1. You can donate money to Daryl Fulp’s mission fund. He lists it in his blog posts. He has a proper organization, so that may be the simplest method for many. If not there, you may find another organization that you trust in Guatemala and ask if they can do donations.

2. You can donate directly to the hospital. If you’re in Guatemala, or visiting, you can drop off medical supplies and clothing for the hospital yourself or contact me and I’ll meet up with you to collect and deliver them.

3. Donate materials. Irving and I eventually want to set up a small clinic here where families will be able to come when they need specific supplies for their loved ones, but at this point, the need is too great and we are not equipped to handle that. So, for now our solution is to start small and take the items directly to the hospital. Here’s what we’re working on right now:

  • C-section kits: Small kits that include the syringes, gloves, IV items and stitching supplies for a C-section. 
  • Hospital gowns: I love sewing and so it makes sense to create some hospital gowns. I’m already doing small burial outfits for preemies, but am expanding to hospital gowns for both adults and children. These can be made from sheets, which are easily found in the pacas and come in some pretty cute designs, as well as flannel.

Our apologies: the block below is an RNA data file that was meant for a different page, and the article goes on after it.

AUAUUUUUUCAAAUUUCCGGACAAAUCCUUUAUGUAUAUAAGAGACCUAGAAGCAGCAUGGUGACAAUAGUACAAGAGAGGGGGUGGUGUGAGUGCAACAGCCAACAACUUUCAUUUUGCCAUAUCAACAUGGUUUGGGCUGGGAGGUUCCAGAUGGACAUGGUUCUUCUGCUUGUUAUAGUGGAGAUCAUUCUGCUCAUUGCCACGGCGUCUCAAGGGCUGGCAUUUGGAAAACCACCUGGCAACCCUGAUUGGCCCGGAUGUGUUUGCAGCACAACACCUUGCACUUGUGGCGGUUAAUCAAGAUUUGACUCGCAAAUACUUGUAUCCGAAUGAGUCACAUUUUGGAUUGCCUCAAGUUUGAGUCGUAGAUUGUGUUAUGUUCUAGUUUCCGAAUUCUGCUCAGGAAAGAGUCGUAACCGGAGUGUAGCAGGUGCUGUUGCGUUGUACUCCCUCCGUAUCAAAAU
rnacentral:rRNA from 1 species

•  ER kits: Stitching equipment and thread, gauze and gloves are just a few of the things we’ll be collecting as we can to donate to the ER.
I’m still debating whether or not to open a GoFundMe to help out with this, but of course, we’re happy to accept physical donations of fabric and other supplies to take in. Contact me for more information or leave a comment with your thoughts.

Edited to add: We’ve created a GoFundMe account for those interested in donating. You can follow the progress on the new Healing Hearts Guatemala site.

That Doesn’t Need Refrigerating!

There are so many cultural differences when you visit a new country, but here, my biggest challenges have always been food. I’ve always been a picky eater and I think most people figured I’d starve in Guatemala! Over time, I’ve overcome many of my food issues, but there are a few things that I still don’t get. One of these is the lack of refrigeration for things that I have always been taught to keep cold.